Air traffic controllers taking a nap on the job has been subject of recent controversy, as several men at the helm of airports have been caught sleeping on the job. The fight is over whether these fellows have been severely derelict in their duty and if the profession as it is needs an overhaul. However, the trade is not well understood and one of the most stressful occupations in the world.
Third air traffic controller fired for sleeping
A third air traffic controller was fired for being asleep on duty, after the recent controversy has led to perhaps an even greater sensitivity towards ATC personnel being discharged for napping. An air traffic control man has been fired by the Federal Aviation Administration after being found to be asleep in the tower at Boeing Field in Seattle, according to Reuters. The man in question had been found asleep on the job twice, once in early April and previously in January. Boeing is not the primary passenger hub in the region; the usual passenger hub for that area is Seattle-Tacoma International, commonly called SeaTac.
Uproar over sleeping on duty
The uproar began weeks ago when a March 23 flight was landing at Ronald Reagan International, and the pilots were unable to reach anyone in the tower, according to CNN. Thankfully, the pilots were able to land the plane without incident and no one was hurt. The worker was immediately suspended and later fired. However, the incident touched off a brouhaha over the practices of the nation’s air traffic control personnel. People have begun questioning just who is in charge of the people in charge of directing air traffic. Politicians immediately decried the practice and promised to hold traffic controllers and the National Air Traffic Controllers Association to a higher standard. However, the job is not well understood.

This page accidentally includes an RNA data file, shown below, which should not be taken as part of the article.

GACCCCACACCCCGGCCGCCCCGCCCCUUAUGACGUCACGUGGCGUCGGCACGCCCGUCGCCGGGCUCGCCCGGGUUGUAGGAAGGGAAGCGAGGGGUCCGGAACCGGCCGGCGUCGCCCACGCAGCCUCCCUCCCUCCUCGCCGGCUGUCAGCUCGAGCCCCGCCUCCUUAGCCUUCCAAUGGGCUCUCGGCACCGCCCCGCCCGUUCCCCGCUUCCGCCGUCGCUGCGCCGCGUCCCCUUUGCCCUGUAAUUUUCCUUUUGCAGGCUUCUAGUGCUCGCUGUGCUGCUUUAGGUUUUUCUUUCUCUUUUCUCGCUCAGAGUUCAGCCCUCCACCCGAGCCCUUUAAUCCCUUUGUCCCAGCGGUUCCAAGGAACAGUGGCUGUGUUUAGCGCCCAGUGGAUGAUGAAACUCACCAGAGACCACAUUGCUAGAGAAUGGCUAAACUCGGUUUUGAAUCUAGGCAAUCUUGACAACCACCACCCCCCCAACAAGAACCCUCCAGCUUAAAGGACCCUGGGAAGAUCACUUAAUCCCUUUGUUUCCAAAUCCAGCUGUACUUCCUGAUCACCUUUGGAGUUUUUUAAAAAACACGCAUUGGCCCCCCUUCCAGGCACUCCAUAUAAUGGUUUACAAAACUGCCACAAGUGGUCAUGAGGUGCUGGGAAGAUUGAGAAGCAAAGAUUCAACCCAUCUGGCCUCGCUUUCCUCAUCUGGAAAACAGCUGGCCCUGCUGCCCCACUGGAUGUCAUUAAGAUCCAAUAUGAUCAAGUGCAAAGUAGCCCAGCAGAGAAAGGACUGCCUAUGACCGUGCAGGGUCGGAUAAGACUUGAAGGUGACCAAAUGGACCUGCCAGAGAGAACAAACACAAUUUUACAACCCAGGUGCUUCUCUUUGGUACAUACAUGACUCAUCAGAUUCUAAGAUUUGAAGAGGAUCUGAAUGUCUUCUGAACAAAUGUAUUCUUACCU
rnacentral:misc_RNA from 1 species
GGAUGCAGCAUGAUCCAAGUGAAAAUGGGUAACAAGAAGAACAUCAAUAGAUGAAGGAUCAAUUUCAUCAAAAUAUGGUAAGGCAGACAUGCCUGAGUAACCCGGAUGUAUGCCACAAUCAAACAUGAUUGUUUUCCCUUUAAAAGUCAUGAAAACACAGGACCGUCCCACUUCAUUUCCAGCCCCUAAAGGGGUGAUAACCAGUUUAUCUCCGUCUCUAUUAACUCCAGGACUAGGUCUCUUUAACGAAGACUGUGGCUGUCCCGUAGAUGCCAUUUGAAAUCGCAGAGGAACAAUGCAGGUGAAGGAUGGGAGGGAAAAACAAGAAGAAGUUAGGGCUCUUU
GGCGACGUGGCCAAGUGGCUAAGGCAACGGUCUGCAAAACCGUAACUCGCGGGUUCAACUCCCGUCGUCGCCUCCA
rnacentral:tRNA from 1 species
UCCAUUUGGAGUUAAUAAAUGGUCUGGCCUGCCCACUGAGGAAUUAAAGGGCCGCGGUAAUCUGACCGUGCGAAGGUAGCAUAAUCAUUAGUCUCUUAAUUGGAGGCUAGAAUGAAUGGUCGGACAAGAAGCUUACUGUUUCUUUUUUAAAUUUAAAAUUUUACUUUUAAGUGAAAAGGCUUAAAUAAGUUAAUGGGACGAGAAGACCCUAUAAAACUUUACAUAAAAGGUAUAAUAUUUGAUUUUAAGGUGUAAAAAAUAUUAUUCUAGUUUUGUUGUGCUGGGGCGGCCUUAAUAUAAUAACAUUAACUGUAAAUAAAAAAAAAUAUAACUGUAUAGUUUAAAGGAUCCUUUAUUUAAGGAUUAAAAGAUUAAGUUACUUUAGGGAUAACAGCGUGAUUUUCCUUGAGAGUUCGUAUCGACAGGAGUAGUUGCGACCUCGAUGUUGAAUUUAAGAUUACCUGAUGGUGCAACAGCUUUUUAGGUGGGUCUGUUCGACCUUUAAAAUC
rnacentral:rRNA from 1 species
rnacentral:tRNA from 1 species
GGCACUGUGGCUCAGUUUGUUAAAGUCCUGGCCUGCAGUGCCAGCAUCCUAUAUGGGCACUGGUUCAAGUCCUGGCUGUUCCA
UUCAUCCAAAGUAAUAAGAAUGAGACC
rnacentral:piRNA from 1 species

Naps could save lives
It has been suggested for more than two decades that air traffic control personnel are easily susceptible to fatigue and could use more sleep, according to USA Today. The National Traffic Safety Board found that a 20- to 30-minute nap during a shift kept workers refreshed and alert, though Transportation Secretary Roy LaHood has completely dismissed the idea by saying that people will not be paid to sleep. However, many problems are credited, according to the Wall Street Journal, to what controllers call “the rattler.” The fifth shift of a week on a “rattler schedule” is an overnight shift that begins nine hours after the fourth shift ends. Performance can degrade, and fatigue can easily set in while stuck in a cramped, completely black room with only a computer screen for light.
USA Today: http://travel.usatoday.com/flights/post/2011/04/on-the-job-naps/167464/1
Wall Street Journal: http://online.wsj.com/article/SB10001424052748704658704576275482890449352.html?mod=googlenews_wsj
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